Leading in Shades of Grey

Leadership is messy.

I find myself saying this phrase often.  I think one of the most challenging things about leadership is that most times things are not clearly black and white… answers are not always obvious… making decisions is not easy.  If they were, leadership would be easy and, dare I say, perhaps not even necessary.

Leadership is grey… sometimes many shades of grey.

These last few months have been especially grey for our team at Cross Point.  I don’t mean grey as in gloomy, dreary or sad.  I mean grey as in complex, not always clear, layered, not black and white.  I’ve spent the past few months trying to help our team turn the corner from being a church with another campus to truly being a multi-campus church.  This has required a significant shift in our mindset, our structure, our communication, our strategy and more.  Many times of late, one of our ministry leaders will come to me with a question about how to handle a decision that affects both campuses and it will cause me to pause and sort through the layers of grey.  Some of these decisions are immediately clear.  Most times they are complicated and require the work of leading through the layers of grey.

All of this greyness has caused me to ponder this element of leadership that I refer to as “leading in shades of grey”.

Good leaders lead through the grey. They don’t get lost in it.  They don’t get bogged down by it.  They push through it to find clarity.

Good leaders give hope to a grey existence. They offer hope through grey circumstances.  They are aware of how unsettling greyness is to the team and they continue to motivate and encourage them through the process.

Deciphering the grey is not an exact science.  It’s as easy to get wrong as it is to get right… and you’re not always going to get it right.  It takes guts, courage, intuition, discernment, and prayer.  It takes energy, patience, hope and determination.  Leaders step up to help make decisions and to guide the way, especially when things are messy…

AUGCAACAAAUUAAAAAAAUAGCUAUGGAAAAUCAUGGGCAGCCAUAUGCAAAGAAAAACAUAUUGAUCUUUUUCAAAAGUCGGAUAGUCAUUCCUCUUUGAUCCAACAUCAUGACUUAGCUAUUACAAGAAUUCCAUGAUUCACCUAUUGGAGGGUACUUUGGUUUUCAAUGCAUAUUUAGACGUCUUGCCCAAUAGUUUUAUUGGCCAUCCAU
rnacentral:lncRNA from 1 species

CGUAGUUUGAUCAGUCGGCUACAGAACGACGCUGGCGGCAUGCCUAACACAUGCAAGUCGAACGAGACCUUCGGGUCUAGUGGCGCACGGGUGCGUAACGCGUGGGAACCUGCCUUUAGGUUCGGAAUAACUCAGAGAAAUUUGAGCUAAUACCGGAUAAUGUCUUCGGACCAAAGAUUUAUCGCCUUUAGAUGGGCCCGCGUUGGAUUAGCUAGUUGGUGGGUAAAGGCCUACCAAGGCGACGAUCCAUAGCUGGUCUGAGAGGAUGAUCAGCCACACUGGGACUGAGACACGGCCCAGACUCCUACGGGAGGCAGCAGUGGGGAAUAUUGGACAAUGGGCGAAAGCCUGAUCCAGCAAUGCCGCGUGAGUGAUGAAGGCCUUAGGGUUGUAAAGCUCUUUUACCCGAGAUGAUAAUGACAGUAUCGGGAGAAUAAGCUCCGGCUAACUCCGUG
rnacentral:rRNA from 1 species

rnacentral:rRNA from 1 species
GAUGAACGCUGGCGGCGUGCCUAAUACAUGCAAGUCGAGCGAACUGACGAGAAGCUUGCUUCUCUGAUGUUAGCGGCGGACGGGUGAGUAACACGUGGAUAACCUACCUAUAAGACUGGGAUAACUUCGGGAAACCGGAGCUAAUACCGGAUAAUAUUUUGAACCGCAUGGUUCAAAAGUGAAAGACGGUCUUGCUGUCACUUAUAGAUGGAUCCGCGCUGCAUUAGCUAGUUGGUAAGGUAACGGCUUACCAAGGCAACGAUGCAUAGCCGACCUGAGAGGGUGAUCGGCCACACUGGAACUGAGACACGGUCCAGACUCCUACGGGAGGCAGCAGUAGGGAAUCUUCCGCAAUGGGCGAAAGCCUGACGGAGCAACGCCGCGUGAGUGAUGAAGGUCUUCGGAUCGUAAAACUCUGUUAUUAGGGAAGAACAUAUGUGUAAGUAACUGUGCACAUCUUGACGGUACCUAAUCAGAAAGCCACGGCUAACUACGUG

…and grey.

Are you facing some grey areas in your leadership?  What can you do to push through the grey?

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  • Andy Borgmann January 5, 2009  

    Great post Jenni. I had a class in college that took two whole semesters that all I basically learned was what you wrote here.

    If more churches/ministers/leaders realized that, “answers are not always obvious” I think the church would be a much more grace-filled organization.

    I was very grateful for taking that class and the professors that always taught us to step back and examine all the angles and think through the decisions necessary for true leadership.

  • Tracey Smith January 6, 2009  

    Great post! Most leaders can usually find someone who has either “done it” or knows someone who can give some great insight on the topic. Lately, we have been working on the topic “Online Small Groups.” Sounds easy but we can’t find someone who has “done it” (well) or even can give us insight on the topic. It has been fun but also challenging to say the least. I wonder how the pioneering church leaders felt everytime God handed them a NEW tool to use to reach people. I am reminded that God would not have handed it to us (whatever the leadership decision may be) if He didn’t know that it could be completed. My dad always said…”You didn’t think it would be easy, did you?”

  • Jenni Catron January 6, 2009  

    @Andy and @Tracey, I think sometimes as leaders we act surprised when things are difficult or challenging. A mentor of mine used to say to me “it if was easy, everyone would do it”.

  • Nick January 6, 2009  

    Yes! I am definitely facing some gray areas in my leadership, definitely some unknowns and some uncharted territories. Some of the things I am doing to help push through the gray is to #1 pray, it doesn’t take long in ministry to realize we cannot do anything without Christ, so gray areas push me to more prayer #2 to keep moving forward. I’ve found that gray areas in the past have a way of making me throw myself in neutral and to stand still or to get paralyzed (Ha! CP’s new series) anyway, if I keep moving forward in the direction I know the Lord has guided me and led me then even if I fail, I at least know I was obedient. I love what Erwin McManus says in Chasing Daylight, “Sometimes, you just have to do something” We can never get anywhere if we are stuck in neutral. #3 Watch, Listen, and Learn – Whether its through books, blogs, podcasts, videos…I know I do not know it all, but there are people who have faced some of the same gray areas I am either facing or will face, so sometimes I just have to shut up and listen and to learn from others. As Proverbs says, “Iron Sharpens Iron” and there is no better time to be sharpened than when we face the gray, I believe that is when God has our attention to the place where we truly listen and can be stretched and challenged, I think those are the times I grow the most.